“No, I expect not.” His tone was grim, but I caught a glimmer of sympathy in his countenance.

“Edes, has anyone else seen this?”

“No. Not yet.” There was nothing for it but to plead with the man.

“Sir: my reputation, my livelihood, even my liberty, lie in your hands. What will you do?”

“Well, for one thing, Jameson, I won't be extending you any more credit.” He pulled out his account book, and flipped through the pages. “Let's see. I've run your ad for an apprentice for three weeks straight. Plus the cards, the map, and Newcombe's History, that's fourteen shillings. I'd like it now, in hard coin.”

“Fair enough. Though, just at the moment”-I tried to offer a small laugh-“I'm afraid I'm a bit short. Might I do a piece of work for you in¬stead?”

“Ah, the swindling begins.” He shook his head. “What will you whee¬dle out of me next? No. I'm not so vain as to fancy a picture of myself, especially one painted by a charlatan.”

I bridled at this, Reader. But I let it pass.

“No, no, of course. Though you'd make a fine subject,” I hastened to reply. “But I find the woodcut that adorns your masthead a little . . . clumsy.”

“The coastline, with the islands in the harbor? What's wrong with it?”

Good. I had hit upon a sore subject, and right he was to worry about it, for the man's masthead was monstrous.

“If you'll excuse my saying so, Edes, it looks more like a spinster's stockings drooping from a clothesline. Who the deuce carved it for you?”

“A fellow by the name of Revere. Lives in the North End. Charges a fortune.”

“The silversmith? If I were you, Edes, I might let the man crimp my spoons, but I wouldn't let him near my newspaper.”

He looked half convinced of this much already. I pressed on. “I prom¬ise you, I could make you a glorious masthead... better, finer, truer to your noble political sentiments. The masthead your virtuous paper de¬serves.”

“Flattery and a debtor's promises I don't need, but if you get this mas¬terpiece to me in a week's time, we'll call it even. Except, if it's shite, Jameson, I'll be wanting two quid.”

I breathed a sigh of relief, and shook my head, my thoughts turning, for a moment, upon the swiftness with which I, who was once the toast of London, have been reduced to sign- painter and woodcut carver. Am I next to take up painting houses?

“It won't be shite, Edes,” I assured him, and sincerely. Reader, pray, believe me: I am many things, but I am no charlatan.

Only as we shook hands to seal the deal did I notice that the printer still looked troubled.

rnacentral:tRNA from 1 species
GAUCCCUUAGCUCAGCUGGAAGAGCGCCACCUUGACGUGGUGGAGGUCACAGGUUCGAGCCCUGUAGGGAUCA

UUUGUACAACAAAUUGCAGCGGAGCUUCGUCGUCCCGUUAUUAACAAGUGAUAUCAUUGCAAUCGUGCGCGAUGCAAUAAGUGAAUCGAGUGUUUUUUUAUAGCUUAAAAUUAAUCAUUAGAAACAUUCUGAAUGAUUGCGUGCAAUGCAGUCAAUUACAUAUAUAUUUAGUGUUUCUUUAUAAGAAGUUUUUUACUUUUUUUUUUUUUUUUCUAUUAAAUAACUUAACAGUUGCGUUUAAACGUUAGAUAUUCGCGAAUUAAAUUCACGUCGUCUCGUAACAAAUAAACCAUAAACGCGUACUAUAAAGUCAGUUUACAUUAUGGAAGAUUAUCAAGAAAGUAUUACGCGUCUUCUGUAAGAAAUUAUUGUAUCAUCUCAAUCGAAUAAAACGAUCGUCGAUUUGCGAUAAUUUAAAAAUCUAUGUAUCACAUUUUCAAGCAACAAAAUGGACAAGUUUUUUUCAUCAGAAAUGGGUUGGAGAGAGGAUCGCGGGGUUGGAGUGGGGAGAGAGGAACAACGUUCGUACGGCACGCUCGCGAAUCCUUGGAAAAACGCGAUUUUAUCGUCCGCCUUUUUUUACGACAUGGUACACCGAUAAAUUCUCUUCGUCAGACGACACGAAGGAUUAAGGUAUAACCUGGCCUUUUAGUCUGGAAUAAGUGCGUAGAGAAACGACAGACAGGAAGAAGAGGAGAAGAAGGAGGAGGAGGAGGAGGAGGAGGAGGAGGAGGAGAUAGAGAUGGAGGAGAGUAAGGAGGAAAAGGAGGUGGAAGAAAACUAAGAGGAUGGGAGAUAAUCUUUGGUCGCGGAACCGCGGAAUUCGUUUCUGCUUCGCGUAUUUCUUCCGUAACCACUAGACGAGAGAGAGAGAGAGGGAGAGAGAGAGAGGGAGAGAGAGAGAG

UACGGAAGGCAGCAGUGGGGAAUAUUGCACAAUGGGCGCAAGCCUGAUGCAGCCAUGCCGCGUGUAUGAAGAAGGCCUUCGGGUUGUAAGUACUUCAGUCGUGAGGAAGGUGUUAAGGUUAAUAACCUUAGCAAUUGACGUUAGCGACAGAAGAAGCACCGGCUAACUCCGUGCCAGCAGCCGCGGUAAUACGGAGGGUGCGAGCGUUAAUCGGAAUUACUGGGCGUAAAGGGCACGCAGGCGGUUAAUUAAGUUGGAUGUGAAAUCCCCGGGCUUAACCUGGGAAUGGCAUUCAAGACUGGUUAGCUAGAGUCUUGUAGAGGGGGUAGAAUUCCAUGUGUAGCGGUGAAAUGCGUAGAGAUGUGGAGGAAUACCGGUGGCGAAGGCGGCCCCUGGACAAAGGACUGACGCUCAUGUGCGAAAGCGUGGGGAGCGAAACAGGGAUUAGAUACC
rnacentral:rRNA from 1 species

“I've got more bad news for you, Jameson.”

My heart sank.

“What? Will you publish my ruin regardless? Dear God, man. Please...”

If he were to warn his countrymen about my debts, I could hardly conduct my business here. And where to next? Reader, know this: I will not board another boat.

“A waste of ink, if you ask me,” Edes answered. “But the Courant's printer has sent out a notice asking American pressmen to publish your escape ad.”

I could scarce hide my astonishment.

“Impossible,” I stammered. “Why hunt me here? How could my creditors think to recover their money at so great a distance?”

Edes shrugged. “Impossible, no. But unusual, I grant you. It seems these McGreevys will cover the cost of printing.”

“Goddamn their greasy greedy paws,” I muttered.

Edes nodded-I fancied he shared my dim view of lenders-but then he demanded, “Tell me something, Jameson. Where is this black man, Fortune? Is he dangerous?”

I met his stare. “Surely you, above all men, realize: not everything you read in the paper is true.”

He raised an eyebrow, but pressed me no more.

“But I must know, Edes, I must know: Do you mean to publish my ruin, or not?”

He looked me over, as if he were a judge delivering a sentence from the bench. At last, he sighed.

“God knows there are enough debtors in this town already. One more can hardly spoil the barrel. No, I won't do it.”

Here, at last, is a piece of luck: I have happened upon a generous man.

“Thank you, Edes,” I said, with a solemn bow. “Though for your dis¬cretion, I know not how I can ever repay you, much less my creditors.”

His face grew puzzled.

“That's what I don't understand. Never have I seen a banker reach across the ocean to recover a debt, except in cases of staggering sums. Just how much do you owe?”

I groaned. “Two thousand quid.”